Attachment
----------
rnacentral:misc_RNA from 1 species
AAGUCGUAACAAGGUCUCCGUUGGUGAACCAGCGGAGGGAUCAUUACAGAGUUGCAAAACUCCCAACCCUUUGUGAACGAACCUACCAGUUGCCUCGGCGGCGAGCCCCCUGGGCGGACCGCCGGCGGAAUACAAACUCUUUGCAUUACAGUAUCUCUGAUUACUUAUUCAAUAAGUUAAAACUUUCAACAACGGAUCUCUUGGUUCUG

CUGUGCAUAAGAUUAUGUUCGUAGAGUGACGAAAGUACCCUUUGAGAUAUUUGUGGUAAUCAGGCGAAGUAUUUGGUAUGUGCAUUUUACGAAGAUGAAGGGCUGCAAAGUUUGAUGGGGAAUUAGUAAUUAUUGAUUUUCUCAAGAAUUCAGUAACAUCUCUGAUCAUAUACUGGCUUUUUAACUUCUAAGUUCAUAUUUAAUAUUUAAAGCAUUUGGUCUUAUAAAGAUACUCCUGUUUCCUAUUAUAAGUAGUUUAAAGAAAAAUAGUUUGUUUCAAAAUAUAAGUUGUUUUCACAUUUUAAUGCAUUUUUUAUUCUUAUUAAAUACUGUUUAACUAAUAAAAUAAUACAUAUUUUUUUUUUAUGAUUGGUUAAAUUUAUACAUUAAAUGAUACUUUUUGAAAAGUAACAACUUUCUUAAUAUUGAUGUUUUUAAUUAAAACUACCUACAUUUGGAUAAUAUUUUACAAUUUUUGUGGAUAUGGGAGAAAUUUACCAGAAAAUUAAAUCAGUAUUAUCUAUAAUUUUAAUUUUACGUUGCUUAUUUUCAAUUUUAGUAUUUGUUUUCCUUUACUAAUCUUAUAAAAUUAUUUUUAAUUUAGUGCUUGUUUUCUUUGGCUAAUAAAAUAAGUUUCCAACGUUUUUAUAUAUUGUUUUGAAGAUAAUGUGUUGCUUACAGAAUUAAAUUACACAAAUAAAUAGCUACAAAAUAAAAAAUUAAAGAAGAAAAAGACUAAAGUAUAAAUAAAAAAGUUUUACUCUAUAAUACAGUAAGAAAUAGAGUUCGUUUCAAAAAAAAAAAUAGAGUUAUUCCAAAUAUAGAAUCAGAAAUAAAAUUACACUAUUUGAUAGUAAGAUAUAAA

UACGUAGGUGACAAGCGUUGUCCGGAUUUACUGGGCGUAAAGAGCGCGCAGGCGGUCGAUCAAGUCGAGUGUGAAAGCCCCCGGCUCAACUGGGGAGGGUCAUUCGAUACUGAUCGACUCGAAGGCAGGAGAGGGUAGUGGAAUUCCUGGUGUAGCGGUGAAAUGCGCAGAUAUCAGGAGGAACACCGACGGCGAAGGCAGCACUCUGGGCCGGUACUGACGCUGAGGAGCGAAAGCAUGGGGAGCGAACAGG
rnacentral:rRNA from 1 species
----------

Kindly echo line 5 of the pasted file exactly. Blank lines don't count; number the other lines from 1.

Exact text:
rnacentral:rRNA from 1 species